But back to my family's roots and how they were handed down to my generation - the first of the baby boomers. After the Civil War, in the South, federal troops kept carpetbaggers in power and allowed them to steal and legally confiscate what was left of the property of most former Confederate soldiers. Besides carpetbaggers there were federal officials in charge who were still intent on punishing the former confederates. I'm not talking former plantation owners here; I mean the rank and file confederate soldier who was probably a farmer before the Civil War, but whose farm fell into ruins while they were away fighting.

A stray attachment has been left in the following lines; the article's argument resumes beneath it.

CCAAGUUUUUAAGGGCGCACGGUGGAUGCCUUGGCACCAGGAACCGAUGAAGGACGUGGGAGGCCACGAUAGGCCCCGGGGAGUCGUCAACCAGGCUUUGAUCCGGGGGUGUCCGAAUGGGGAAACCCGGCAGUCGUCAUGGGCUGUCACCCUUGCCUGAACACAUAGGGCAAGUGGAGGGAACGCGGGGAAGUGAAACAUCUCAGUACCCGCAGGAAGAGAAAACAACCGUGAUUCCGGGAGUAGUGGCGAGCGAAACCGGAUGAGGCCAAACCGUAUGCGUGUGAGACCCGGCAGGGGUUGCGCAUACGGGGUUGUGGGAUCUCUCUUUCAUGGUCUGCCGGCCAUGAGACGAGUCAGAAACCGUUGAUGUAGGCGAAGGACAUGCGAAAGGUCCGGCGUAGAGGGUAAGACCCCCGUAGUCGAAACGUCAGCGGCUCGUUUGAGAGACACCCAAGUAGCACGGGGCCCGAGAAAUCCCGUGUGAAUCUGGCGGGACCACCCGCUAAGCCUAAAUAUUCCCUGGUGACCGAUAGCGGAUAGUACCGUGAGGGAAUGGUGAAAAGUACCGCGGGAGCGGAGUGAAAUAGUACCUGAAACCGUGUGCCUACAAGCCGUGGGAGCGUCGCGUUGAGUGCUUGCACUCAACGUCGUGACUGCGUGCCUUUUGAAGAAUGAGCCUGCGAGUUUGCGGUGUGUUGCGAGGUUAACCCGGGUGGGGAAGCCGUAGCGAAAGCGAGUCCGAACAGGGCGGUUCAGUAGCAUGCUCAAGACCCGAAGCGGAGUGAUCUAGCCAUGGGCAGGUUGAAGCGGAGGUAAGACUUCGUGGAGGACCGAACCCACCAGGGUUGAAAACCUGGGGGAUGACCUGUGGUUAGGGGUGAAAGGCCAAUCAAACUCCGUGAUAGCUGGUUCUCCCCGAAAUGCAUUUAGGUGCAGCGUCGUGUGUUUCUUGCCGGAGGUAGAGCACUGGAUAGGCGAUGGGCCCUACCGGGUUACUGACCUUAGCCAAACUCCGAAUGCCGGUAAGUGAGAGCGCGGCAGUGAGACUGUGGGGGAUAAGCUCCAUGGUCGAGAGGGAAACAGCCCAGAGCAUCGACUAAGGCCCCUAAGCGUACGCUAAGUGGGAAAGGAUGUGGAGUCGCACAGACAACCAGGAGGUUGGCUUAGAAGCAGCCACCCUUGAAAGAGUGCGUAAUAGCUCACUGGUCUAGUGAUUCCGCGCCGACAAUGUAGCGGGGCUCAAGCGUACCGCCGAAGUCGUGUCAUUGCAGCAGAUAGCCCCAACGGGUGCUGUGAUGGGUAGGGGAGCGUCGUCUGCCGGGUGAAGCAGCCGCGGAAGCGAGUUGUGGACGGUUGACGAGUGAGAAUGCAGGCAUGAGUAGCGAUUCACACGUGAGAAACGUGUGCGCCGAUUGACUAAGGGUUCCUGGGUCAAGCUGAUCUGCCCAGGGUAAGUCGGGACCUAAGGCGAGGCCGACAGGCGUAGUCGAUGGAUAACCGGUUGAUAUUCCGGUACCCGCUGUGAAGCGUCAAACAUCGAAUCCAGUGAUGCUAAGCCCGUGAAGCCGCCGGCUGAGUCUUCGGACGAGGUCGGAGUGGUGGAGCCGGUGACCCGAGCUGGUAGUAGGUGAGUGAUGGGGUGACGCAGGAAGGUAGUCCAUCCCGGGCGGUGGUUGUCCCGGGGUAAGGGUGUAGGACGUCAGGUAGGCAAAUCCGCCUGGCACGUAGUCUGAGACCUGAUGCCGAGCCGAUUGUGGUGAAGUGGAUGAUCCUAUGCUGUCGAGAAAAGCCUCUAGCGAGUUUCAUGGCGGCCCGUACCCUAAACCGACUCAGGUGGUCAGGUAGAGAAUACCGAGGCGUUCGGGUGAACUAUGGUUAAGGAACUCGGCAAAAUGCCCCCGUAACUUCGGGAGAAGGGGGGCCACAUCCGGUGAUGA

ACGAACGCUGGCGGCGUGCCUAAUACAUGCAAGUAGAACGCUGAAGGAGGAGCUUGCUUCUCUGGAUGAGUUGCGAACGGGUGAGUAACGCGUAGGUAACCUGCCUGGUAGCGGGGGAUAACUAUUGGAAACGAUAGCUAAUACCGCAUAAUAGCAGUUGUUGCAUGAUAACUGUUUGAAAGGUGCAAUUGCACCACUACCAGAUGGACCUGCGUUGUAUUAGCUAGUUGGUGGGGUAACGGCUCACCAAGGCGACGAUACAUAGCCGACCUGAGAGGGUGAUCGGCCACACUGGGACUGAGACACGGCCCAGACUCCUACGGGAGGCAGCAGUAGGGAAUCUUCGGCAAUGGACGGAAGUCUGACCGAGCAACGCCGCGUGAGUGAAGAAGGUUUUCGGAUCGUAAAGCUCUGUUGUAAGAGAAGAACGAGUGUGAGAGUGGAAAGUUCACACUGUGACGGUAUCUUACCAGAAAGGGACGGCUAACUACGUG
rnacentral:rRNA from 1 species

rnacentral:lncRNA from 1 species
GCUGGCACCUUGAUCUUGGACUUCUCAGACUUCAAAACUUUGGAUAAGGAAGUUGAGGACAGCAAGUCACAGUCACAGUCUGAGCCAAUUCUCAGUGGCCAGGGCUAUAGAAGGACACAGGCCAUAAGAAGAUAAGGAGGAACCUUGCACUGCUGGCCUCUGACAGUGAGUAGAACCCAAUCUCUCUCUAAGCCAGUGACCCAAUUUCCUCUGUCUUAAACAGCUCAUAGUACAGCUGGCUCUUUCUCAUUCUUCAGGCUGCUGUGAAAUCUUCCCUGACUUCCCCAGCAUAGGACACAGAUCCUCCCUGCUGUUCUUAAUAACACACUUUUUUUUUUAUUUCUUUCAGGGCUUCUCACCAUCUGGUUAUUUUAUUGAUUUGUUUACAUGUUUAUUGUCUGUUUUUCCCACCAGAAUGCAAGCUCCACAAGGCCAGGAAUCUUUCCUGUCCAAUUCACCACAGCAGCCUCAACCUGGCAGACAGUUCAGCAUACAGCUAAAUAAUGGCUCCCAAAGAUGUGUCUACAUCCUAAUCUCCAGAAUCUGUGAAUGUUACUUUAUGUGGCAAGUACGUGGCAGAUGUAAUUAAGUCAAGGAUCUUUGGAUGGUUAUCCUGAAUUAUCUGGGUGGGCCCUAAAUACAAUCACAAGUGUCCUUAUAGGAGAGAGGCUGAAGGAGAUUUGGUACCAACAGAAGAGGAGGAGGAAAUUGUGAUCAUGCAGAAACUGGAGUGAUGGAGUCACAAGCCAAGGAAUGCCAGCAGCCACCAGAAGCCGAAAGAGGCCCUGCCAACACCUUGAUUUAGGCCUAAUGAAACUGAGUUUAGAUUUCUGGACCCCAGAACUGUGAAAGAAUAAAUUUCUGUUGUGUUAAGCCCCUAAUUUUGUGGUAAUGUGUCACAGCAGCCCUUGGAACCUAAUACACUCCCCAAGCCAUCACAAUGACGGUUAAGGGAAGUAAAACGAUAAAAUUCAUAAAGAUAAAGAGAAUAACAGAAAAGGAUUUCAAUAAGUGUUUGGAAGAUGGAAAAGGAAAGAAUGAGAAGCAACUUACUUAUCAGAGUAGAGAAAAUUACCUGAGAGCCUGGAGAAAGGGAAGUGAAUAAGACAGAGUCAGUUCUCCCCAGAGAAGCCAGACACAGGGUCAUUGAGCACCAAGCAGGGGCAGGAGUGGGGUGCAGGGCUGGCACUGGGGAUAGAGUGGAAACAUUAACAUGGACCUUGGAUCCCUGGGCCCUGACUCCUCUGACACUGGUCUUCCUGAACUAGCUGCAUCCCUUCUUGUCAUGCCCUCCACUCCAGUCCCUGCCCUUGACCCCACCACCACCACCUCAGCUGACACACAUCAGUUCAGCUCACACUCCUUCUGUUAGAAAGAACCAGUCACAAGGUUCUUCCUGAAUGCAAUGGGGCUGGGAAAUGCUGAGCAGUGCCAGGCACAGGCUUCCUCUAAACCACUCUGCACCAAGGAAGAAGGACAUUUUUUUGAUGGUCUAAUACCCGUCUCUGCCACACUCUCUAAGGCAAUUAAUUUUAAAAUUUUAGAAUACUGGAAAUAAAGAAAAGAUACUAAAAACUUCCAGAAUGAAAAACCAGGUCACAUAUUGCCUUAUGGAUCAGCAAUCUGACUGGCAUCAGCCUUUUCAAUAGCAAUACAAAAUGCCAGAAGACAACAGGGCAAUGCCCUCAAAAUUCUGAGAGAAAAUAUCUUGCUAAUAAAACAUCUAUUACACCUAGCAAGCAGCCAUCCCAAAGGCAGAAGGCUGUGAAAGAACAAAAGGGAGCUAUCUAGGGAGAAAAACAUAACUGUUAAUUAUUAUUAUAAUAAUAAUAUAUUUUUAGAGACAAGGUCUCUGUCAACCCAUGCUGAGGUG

It was a useless and stupid war for the South to fight in the first place, born of prejudice and an economic system based on slavery. it deserved to fall and I'm glad the North won. But Abraham Lincoln's death was also the death of opportunity and reconciliation for most southerners. Those that took over, from President Grant down to the local tax collector. were mostly corrupt and had no more concern for former black slaves than they did for the white ex-confederates they were now looking to either punish or strip of any opportunity or ownership of land. Virtually every branch of my family moved during the post-Civil War years to Texas, with a few ending up in Arkansas and Oklahoma. They were trying to get as far away as they could from venal federal army commanders and thieving carpetbaggers. And Texas was a big place, with a lot of unsettled, cheap land. They could come here and still have enough of civilization to give them a chance to begin anew and earn a living for their families, perhaps even become wealthy.